- Annual Report
- Footpaths Newsletter
- Organizational Chart
- Contact Us
- Energy at UND
- Energy Links
- Energy Tips
- Facilities Online Metering
- Renewable Energy
- Building Services/Custodial
- Central Warehouse
- Departmental Moves
- Hopper Danley Spiritual Center
- Pest Control Service
- Snow Removal
- Space Utilization
- Steam Plant
Energy Saving Tips
Here are some things you can do to help save energy:
Turn off lights when not in use
All too often lights are left on in classrooms and lounges overnight even though there is no one around. This is a waste of energy that can easily be prevented if people remember to turn off the lights when they leave a room.
Use Computer Sleep Mode
If all 8,000 computer monitors on campus used Sleep Mode, the University could save 1.6 million kWh every year. That is equal to saving 64,000 gallons of gasoline at $160,000 in energy costs.
Use compact fluorescent light bulbs
Energy Star qualified compact fluorescent light bulbs (CFLs) use 66% less energy than a standard incandescent bulb and last up to 10 times longer. Replacing 100-watt incandescent with a 32-watt CFF saves at least $30 in energy costs over the life of the bulb. If every household in the US replaced one standard light bulb with a CFL the pollution reduction would equal removing one million cars from the road (source: energystar.gov).
Recycling one aluminum can
Enough energy is saved by recycling one aluminum can to run a TV set for three hours or to light one 100 watt bulb for 20 hours (source: The Recycler's Handbook by the Earth Works Group).
Use Rechargeable Batteries
Studies have shown that using rechargeable batteries for products like cordless phones and PDAs is more cost effective than throwaway batteries. If you must use throwaways, check with your trash removal company about safe disposal options.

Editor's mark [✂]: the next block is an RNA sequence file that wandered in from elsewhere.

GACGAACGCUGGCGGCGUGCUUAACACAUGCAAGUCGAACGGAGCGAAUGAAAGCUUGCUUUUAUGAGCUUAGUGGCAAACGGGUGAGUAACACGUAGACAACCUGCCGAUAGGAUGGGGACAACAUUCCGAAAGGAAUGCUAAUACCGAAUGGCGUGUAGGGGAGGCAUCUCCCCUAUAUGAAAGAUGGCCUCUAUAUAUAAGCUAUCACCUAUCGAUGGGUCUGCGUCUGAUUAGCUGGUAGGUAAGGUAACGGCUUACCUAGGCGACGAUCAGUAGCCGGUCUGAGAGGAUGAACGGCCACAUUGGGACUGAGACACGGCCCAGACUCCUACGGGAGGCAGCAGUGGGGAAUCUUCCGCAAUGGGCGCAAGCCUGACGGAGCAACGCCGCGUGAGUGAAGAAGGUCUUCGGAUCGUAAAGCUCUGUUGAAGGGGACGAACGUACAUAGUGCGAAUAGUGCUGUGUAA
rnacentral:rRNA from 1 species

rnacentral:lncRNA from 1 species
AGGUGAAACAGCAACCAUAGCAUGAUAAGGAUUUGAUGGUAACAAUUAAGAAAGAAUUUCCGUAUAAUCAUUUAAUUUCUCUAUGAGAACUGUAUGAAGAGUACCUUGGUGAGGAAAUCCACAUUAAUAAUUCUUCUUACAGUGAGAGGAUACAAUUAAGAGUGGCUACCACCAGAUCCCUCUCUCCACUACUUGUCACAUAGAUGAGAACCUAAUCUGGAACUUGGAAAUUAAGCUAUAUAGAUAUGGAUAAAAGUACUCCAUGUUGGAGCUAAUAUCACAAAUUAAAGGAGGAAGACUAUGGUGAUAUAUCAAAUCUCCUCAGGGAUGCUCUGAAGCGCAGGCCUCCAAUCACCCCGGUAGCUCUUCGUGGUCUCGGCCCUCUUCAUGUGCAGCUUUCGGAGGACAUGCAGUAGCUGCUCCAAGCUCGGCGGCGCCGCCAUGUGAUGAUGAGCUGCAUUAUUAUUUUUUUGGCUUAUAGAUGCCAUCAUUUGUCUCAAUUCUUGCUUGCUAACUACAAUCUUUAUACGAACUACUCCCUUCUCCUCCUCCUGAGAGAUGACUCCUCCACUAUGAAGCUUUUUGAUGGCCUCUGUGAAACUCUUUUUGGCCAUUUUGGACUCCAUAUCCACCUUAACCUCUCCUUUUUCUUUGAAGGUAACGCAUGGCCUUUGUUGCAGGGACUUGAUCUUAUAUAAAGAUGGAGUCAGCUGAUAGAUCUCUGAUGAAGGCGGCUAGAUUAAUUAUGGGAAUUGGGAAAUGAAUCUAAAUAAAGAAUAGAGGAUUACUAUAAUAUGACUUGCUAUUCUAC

Unplug Battery Chargers
Unplug battery chargers when the batteries are fully charged or the chargers are not in use.
Energy Saving Guidelines For PCS
Personal computers consume significant amounts of energy. Research shows that nobody is using desktop computers for the majority of the time they are running, because people leave them on 24 hours a day. Idling computer monitors across the United States waste approximately $900 million in energy costs each year. By using monitor power management techniques, we could contribute to the equivalent of planting 1,000 to 6,000 square feet of trees or preventing one to four weeks' worth of car emissions.
The federal government's Energy Star program offers a free download with easy, step-by-step instructions that will enable your monitor to go into sleep mode. Using monitor sleep settings does not sacrifice computer performance or interfere with network connections. Rather, it may actually prolong the life of your monitor. And waking up a monitor is as simple as touching the keyboard or mouse, both of which quickly restore the display.
Sleep mode differs from screen saver programs, which merely prevent images from burning into your monitor screen but do nothing to save energy. In fact, screen savers that display moving images prompt your system to use as much power as when you are actively using the computer.
A misconception is the belief that computers and monitors purchased with the Energy Star logo are already energy efficient. In reality, they have built in energy conservation features but your computer cannot take full advantage of these built in energy saving mechanisms until the power management features are enabled and configured.
DOING YOUR PART
Beyond using the monitor sleep mode feature, you can also help reduce your computer's energy consumption by developing good power management habits. A few suggestions include:
- Checking e-mail or using the Internet only when you need to, rather than first thing in the morning so you don't turn on your computer at the start of the day and leave it running;
- Grouping your computer tasks during one or two parts of the day, leaving the system off during other times;
- Turning on different pieces of equipment one at a time, instead of all at once with the switch on a power strip; and
- Turning off your entire computer system, or at least your monitor and printer when you go to lunch or a meeting.